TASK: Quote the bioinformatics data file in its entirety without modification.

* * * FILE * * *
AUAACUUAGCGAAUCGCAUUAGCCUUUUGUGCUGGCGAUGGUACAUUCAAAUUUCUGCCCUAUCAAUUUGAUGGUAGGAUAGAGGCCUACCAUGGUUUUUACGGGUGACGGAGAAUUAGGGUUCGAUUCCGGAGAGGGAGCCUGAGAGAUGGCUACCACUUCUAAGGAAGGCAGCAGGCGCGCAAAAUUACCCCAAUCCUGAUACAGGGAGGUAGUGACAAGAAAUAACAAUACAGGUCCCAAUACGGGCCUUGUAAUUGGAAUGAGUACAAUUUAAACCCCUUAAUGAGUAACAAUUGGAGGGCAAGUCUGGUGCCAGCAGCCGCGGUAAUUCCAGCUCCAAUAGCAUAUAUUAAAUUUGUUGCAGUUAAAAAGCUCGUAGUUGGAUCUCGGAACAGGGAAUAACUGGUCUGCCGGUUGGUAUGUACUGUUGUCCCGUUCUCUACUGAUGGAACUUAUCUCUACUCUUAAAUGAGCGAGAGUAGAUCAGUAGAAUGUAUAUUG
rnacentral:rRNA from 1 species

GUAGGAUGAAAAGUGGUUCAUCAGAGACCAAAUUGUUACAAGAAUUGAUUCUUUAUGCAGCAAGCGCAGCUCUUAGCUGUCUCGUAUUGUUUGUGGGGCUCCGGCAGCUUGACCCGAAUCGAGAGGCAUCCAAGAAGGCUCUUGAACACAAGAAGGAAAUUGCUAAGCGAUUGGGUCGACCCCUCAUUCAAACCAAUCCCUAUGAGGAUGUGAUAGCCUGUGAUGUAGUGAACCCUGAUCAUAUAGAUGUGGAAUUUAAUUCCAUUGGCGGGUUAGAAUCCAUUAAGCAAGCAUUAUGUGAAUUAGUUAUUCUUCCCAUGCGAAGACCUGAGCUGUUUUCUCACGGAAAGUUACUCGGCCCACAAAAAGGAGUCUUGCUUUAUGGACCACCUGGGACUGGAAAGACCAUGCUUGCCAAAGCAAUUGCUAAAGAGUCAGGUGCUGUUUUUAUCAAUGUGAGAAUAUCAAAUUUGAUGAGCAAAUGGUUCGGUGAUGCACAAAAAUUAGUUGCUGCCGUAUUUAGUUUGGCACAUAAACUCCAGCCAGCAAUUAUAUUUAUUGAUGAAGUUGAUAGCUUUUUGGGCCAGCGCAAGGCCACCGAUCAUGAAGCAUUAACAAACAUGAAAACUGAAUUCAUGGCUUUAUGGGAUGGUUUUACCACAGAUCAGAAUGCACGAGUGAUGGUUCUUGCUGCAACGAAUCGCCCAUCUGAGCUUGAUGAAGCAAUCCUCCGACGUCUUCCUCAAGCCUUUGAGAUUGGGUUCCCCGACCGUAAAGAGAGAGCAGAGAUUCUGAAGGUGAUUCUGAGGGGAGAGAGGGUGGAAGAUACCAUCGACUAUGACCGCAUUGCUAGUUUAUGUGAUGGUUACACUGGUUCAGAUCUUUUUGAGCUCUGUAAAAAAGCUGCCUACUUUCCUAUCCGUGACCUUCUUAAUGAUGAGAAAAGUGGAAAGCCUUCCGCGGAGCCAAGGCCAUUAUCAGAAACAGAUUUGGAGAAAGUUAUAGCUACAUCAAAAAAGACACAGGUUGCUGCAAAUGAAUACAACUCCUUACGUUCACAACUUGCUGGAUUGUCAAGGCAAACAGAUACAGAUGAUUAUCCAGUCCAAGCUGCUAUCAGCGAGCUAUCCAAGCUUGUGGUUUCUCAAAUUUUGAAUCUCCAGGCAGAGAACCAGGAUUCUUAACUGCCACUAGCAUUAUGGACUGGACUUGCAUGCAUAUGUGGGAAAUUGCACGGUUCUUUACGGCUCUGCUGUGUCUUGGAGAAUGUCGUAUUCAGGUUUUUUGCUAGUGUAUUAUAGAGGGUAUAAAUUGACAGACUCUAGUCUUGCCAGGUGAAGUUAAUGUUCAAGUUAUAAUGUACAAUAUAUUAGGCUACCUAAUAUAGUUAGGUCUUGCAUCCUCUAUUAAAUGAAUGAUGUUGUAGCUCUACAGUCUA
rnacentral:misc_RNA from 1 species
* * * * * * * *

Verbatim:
AUAACUUAGCGAAUCGCAUUAGCCUUUUGUGCUGGCGAUGGUACAUUCAAAUUUCUGCCCUAUCAAUUUGAUGGUAGGAUAGAGGCCUACCAUGGUUUUUACGGGUGACGGAGAAUUAGGGUUCGAUUCCGGAGAGGGAGCCUGAGAGAUGGCUACCACUUCUAAGGAAGGCAGCAGGCGCGCAAAAUUACCCCAAUCCUGAUACAGGGAGGUAGUGACAAGAAAUAACAAUACAGGUCCCAAUACGGGCCUUGUAAUUGGAAUGAGUACAAUUUAAACCCCUUAAUGAGUAACAAUUGGAGGGCAAGUCUGGUGCCAGCAGCCGCGGUAAUUCCAGCUCCAAUAGCAUAUAUUAAAUUUGUUGCAGUUAAAAAGCUCGUAGUUGGAUCUCGGAACAGGGAAUAACUGGUCUGCCGGUUGGUAUGUACUGUUGUCCCGUUCUCUACUGAUGGAACUUAUCUCUACUCUUAAAUGAGCGAGAGUAGAUCAGUAGAAUGUAUAUUG
rnacentral:rRNA from 1 species

GUAGGAUGAAAAGUGGUUCAUCAGAGACCAAAUUGUUACAAGAAUUGAUUCUUUAUGCAGCAAGCGCAGCUCUUAGCUGUCUCGUAUUGUUUGUGGGGCUCCGGCAGCUUGACCCGAAUCGAGAGGCAUCCAAGAAGGCUCUUGAACACAAGAAGGAAAUUGCUAAGCGAUUGGGUCGACCCCUCAUUCAAACCAAUCCCUAUGAGGAUGUGAUAGCCUGUGAUGUAGUGAACCCUGAUCAUAUAGAUGUGGAAUUUAAUUCCAUUGGCGGGUUAGAAUCCAUUAAGCAAGCAUUAUGUGAAUUAGUUAUUCUUCCCAUGCGAAGACCUGAGCUGUUUUCUCACGGAAAGUUACUCGGCCCACAAAAAGGAGUCUUGCUUUAUGGACCACCUGGGACUGGAAAGACCAUGCUUGCCAAAGCAAUUGCUAAAGAGUCAGGUGCUGUUUUUAUCAAUGUGAGAAUAUCAAAUUUGAUGAGCAAAUGGUUCGGUGAUGCACAAAAAUUAGUUGCUGCCGUAUUUAGUUUGGCACAUAAACUCCAGCCAGCAAUUAUAUUUAUUGAUGAAGUUGAUAGCUUUUUGGGCCAGCGCAAGGCCACCGAUCAUGAAGCAUUAACAAACAUGAAAACUGAAUUCAUGGCUUUAUGGGAUGGUUUUACCACAGAUCAGAAUGCACGAGUGAUGGUUCUUGCUGCAACGAAUCGCCCAUCUGAGCUUGAUGAAGCAAUCCUCCGACGUCUUCCUCAAGCCUUUGAGAUUGGGUUCCCCGACCGUAAAGAGAGAGCAGAGAUUCUGAAGGUGAUUCUGAGGGGAGAGAGGGUGGAAGAUACCAUCGACUAUGACCGCAUUGCUAGUUUAUGUGAUGGUUACACUGGUUCAGAUCUUUUUGAGCUCUGUAAAAAAGCUGCCUACUUUCCUAUCCGUGACCUUCUUAAUGAUGAGAAAAGUGGAAAGCCUUCCGCGGAGCCAAGGCCAUUAUCAGAAACAGAUUUGGAGAAAGUUAUAGCUACAUCAAAAAAGACACAGGUUGCUGCAAAUGAAUACAACUCCUUACGUUCACAACUUGCUGGAUUGUCAAGGCAAACAGAUACAGAUGAUUAUCCAGUCCAAGCUGCUAUCAGCGAGCUAUCCAAGCUUGUGGUUUCUCAAAUUUUGAAUCUCCAGGCAGAGAACCAGGAUUCUUAACUGCCACUAGCAUUAUGGACUGGACUUGCAUGCAUAUGUGGGAAAUUGCACGGUUCUUUACGGCUCUGCUGUGUCUUGGAGAAUGUCGUAUUCAGGUUUUUUGCUAGUGUAUUAUAGAGGGUAUAAAUUGACAGACUCUAGUCUUGCCAGGUGAAGUUAAUGUUCAAGUUAUAAUGUACAAUAUAUUAGGCUACCUAAUAUAGUUAGGUCUUGCAUCCUCUAUUAAAUGAAUGAUGUUGUAGCUCUACAGUCUA
rnacentral:misc_RNA from 1 species